Here at Cookery School, we love seeing kids in the kitchen! Cooking is such a great way to learn and encourage creativity – especially if there’s a delicious dish at the end.
If you have a curious and culinary-minded child, here are our top tips to get them cooking in the kitchen.
Use recipes that you know work
Do not be tempted to go online to find recipes as often,
We choose all our suppliers very carefully, opting to work with companies that share the same ethos that we do. When it comes to coffee, we work with Hasbean, a sustainable coffee roaster and supplier based in Stafford, in England’s north.
Stephen Leighton established Hasbean in 1999 and chooses to work directly with over 30 coffee producers around the world, in places such as Costa Rica, Ethiopia,
We are hiring energetic back of house staff to wash up, clean and clear dishes, amongst other kitchen porter responsibilities. You must have a good level of spoken English as you will be interacting with customers.
With the busy Christmas season ahead, we’re looking for additional assistance in our Oxford Circus kitchen!
The pay is £12 per hour. Daytime and evening shifts available. There is potential for up to 20 hours per week for the right person.
In some restaurants and cookbooks, there is a feeling that any ingredient goes with any other ingredient. That is definitely not the case. Fusion cooking introduces lots of room for error and can often result in culinary disasters.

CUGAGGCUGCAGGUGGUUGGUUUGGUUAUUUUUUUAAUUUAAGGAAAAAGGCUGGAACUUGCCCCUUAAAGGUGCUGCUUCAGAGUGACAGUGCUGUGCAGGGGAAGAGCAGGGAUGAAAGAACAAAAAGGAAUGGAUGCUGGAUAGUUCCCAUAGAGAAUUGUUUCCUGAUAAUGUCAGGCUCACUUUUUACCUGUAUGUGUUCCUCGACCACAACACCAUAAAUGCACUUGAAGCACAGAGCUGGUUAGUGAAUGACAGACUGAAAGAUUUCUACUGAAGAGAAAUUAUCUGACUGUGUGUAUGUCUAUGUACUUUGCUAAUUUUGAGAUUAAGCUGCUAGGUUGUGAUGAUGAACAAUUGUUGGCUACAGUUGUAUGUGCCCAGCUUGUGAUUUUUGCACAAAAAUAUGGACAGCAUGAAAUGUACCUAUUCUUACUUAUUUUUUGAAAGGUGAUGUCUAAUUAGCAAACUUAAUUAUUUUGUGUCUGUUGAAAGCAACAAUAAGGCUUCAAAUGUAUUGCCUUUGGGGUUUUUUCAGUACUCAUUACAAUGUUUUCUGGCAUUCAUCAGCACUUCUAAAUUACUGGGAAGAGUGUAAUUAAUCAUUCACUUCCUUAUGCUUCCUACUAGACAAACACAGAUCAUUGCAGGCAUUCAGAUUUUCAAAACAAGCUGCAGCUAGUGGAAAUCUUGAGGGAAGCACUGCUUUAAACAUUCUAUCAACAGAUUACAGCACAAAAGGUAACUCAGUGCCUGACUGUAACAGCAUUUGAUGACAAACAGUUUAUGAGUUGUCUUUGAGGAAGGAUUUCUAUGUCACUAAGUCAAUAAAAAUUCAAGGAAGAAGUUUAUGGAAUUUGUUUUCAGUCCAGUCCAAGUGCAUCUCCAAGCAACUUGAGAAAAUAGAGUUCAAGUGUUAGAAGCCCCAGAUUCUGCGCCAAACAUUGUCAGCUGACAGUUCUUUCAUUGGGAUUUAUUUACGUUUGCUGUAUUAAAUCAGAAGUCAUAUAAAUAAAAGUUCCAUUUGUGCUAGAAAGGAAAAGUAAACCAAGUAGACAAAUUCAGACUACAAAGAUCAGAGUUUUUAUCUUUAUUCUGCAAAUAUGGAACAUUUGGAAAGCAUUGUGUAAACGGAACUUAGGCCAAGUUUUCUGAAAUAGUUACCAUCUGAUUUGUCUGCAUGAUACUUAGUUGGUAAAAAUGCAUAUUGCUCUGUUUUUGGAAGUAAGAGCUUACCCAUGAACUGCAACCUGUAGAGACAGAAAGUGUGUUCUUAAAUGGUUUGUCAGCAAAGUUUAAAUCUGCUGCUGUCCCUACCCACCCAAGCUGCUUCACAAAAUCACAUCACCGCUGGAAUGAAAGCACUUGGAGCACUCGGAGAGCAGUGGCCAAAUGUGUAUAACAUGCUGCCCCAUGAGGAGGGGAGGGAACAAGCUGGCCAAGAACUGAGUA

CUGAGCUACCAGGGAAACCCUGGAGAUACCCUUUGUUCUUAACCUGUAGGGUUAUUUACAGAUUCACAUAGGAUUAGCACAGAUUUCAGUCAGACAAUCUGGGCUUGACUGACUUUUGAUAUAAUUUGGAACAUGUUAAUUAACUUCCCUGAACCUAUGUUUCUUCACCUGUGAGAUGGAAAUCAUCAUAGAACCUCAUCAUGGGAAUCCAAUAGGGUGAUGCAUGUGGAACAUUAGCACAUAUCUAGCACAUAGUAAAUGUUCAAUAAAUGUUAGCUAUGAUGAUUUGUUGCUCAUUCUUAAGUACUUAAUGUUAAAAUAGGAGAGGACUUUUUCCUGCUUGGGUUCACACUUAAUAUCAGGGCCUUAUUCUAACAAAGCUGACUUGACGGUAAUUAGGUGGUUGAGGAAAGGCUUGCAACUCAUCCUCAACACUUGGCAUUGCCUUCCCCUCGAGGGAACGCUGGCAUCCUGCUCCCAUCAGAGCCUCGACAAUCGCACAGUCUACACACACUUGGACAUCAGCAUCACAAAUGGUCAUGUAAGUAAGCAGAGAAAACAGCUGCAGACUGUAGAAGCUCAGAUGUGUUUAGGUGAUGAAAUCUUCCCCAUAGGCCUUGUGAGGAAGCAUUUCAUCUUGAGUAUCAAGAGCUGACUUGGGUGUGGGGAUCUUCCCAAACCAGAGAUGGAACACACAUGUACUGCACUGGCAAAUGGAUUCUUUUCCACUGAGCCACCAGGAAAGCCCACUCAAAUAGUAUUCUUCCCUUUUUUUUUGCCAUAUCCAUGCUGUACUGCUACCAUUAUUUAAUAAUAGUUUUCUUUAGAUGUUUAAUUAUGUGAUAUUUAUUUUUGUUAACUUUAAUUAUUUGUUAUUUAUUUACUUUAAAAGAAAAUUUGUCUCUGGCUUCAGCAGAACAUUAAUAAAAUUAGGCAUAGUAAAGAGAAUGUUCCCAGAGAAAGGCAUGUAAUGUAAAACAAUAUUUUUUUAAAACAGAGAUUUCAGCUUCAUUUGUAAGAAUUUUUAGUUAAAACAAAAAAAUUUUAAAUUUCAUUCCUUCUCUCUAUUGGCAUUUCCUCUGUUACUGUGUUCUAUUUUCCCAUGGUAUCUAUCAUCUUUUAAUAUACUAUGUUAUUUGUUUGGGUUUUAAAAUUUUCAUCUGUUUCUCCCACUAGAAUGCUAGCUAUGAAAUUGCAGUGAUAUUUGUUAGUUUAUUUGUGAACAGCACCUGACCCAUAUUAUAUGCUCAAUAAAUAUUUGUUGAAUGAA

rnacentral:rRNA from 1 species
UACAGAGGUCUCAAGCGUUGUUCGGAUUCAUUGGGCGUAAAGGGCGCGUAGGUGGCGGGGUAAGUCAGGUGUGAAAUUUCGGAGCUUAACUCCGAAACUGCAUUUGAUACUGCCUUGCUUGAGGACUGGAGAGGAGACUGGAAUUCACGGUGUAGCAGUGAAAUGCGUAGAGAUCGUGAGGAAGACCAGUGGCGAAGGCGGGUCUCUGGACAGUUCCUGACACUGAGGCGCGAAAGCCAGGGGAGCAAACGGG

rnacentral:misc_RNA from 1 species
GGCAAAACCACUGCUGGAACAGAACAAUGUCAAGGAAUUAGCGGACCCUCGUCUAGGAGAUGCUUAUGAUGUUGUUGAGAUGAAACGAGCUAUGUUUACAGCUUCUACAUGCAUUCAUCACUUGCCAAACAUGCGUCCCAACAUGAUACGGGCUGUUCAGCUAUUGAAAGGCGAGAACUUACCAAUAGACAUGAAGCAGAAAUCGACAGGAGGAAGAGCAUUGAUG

In order to guide you when cooking, I suggest following this rule: ‘what grows together goes together’.
Batch cooking, or meal prep, is the act of preparing a week’s worth of food in one session, ensuring that your lunches and dinners are looked after for the days ahead. It’s a fantastic way to ensure you’re eating well, saving money and most importantly, improving your cooking skills!
However, meal prep doesn’t mean having the same thing for five days straight. With a little forward planning and organisation, you can enjoy a wide variety of dishes without too much effort.
Have you ever felt uncomfortable when faced with a restaurant wine list or superior sommelier? It’s not always easy telling grape varieties, vintages or Old versus New World apart, never mind attempting to understand what’s different about organic, natural or biodynamic wines.
Help is at hand with our three-day intensive Wine & Spirit Education Trust (WSET) certified course.
Jamie McGurk recently participated in our professional Cook’s Certificate course. Here, he explains his experience over the six-week course.
It’s fair to say elaborate and expansive cooking at university is a rare and laborious feat. During my studies, my dinners were usually simple chicken and rice, followed by a couple of Deliveroo meals and some oven chips in between. Whether it’s down to the laziness of a second-year student,
Good home cooking, along with sustainability, is at the heart of all that we do at Cookery School. We try to pass this message onto everyone who visits, as we want them to feel they can go away to cook on their own with confidence.
With cooking no longer being taught in schools and cooking no longer being passed down through the generations, we find an increasing number of people are turning to us to learn how to cook.
With Zero Waste Week coming to a close, we’re looking beyond this week to see how we can continue to reduce our waste in our everyday lives. While at Cookery School, our kitchens are plastic-free and our food waste is already limited, we’ve taken the time to look into our personal lives, looking for opportunities where we could cut down even further. We know from experience in our kitchens that it’s nigh-impossible to be zero-waste overnight,